When city councillors, from all parties, voted to press ahead with the project two years ago, they knew the recession was biting but decided to go forward anyway as a way of boosting visitors to the city centre in the evenings and revitalising tourism and business in east Kent as a whole.

John Gilbey, Tory leader of the city council, donned a hard hat and fluorescent jacket to look over the site where builders and decorators remain hard at work, said: "Fifty councillors from all parties stood up and were counted. This has been a long-term ambition and this is a long-term gesture. We have had our reductions in funding too, but we have rationalised our services. Nobody will be able to point their finger at us and say we are abolishing essential services to build this theatre."

Canterbury received a cut in central funding of £2.7m this year, with a further £1.4m to come next year, equivalent to a 20% reduction followed by a further 13%. It has made savings of £2m and is sharing services with other local authorities. Not only is there a theatre, but a new library and art museum are also rising in the city, a further £13m in public expenditure. The council put up £17m towards the theatre, the county council a further £2m and more than £5m has been raised from trusts, business and private donations, with only £600,000 left to raise. The calculation is that, whereas the old theatre brought revenues of £13m a year to the city, the new one will increase that to £22m.
I take my hat off to Canterbury City Council: a total of £38.6 million on regeneration in Canterbury.
Now, look at Tunbridge Wells.  The council has been scratching around for years and still we have no emerging picture of what it intends to do about town centre regeneration.  Where is the vision and dynamism to drive forward projects on even half the scale of Canterbury?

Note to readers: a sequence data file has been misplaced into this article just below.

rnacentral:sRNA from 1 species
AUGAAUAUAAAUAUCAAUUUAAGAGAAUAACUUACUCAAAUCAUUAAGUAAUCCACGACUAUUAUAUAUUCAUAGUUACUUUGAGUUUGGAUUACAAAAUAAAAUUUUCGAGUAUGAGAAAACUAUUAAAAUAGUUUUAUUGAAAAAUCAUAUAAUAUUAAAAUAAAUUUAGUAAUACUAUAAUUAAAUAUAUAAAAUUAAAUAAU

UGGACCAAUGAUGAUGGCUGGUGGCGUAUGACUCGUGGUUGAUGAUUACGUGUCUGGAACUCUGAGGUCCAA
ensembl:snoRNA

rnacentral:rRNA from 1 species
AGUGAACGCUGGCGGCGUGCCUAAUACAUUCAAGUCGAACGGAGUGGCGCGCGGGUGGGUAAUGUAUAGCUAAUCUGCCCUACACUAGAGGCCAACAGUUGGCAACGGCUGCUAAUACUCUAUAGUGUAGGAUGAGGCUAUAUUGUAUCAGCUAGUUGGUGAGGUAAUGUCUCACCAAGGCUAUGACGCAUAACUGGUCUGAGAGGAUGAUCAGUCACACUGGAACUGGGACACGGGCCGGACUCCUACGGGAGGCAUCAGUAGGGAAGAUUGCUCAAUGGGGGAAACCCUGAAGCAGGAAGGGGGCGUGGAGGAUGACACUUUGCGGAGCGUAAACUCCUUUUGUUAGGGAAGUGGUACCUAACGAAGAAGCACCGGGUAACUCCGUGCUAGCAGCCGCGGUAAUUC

For too long the council has been paying homage to the aspic brigade.  Sadly the main opposition party in Tunbridge Wells, the Liberal Democrats, is even more reactionary than the Conservative majority.  Liberal Democrats are engaged in a tawdry vote-grubbing exercise with no regard to the long term economic welfare of Tunbridge Wells.
When plans for the regeneration of the civic complex are published for consultation let us hope the plans bear some resemblance in approach to that of the forward looking councillors in Canterbury.  I live in hope...................

Tuesday, 12 July 2011

Michael Evans

We have known for a long time that Michael Evans was unwell, but news of his death at 59 still comes as a shock.

Michael was supportive of the work of Tunbridge Wells Churches' Social Responsibility Group and Kent Industrial Mision.

He was a keen Leeds United supporter and a photograph of the 1960s team had pride of place on the wall above his desk.


European Union and The Eurozone

I think the position currently is illustrated well by the photograph:

Community led parish plan

In a previous blog I noted that Rusthall Parish Council had an item on the agenda concerning a community led parish plan.  In the earlier blog are two links to websites which go into great detail about the value of such plans and also the process to produce them.

I support the development of a community led parish plan, so long as it is that, and not something which the parish council and/or the Village Association seek to control.  The worst scenario would be for a few siren voices to dominate the process.

A community led plan must not become the 'be all and end all' of community engagement.  One idea I like was suggested to me by the leader of a district council in Kent. He suggested that community meetings be held to discuss topics.  Statutory bodies would attend and would undertake to go away and consider the issues raised and report back within three months on progress (or otherwise) in dealing with residents' concerns.  This idea strikes me as being one which the parish council should take on board.

Monday, 11 July 2011

Weight watcher

Waiting in the doctor's surgery recently to have my ears syringed I noticed a chart which set out the 'healthy' weight of a person by height.  On examination of the chart I noted that my 'healthy' weight is 12 stone 10 pounds (none of the metric rubbish on my blog).

Last Friday I stepped onto the scales and was shocked to discover I weigh 15 stone 1 pound. 

Time for action!!

I am keeping a record of progress, or lack of it.

8 July:  15st. 1lb,  9 July:  14st. 12lb,  10 July:  14st. 13lb,  11 July:  14st. 11lb,
12 July:  14st. 12lb,  13 July:  14st. 13lb, 14 July:  14st. 12lb, 15 July:  14st. 11lb, 16 July:  14st 12lb,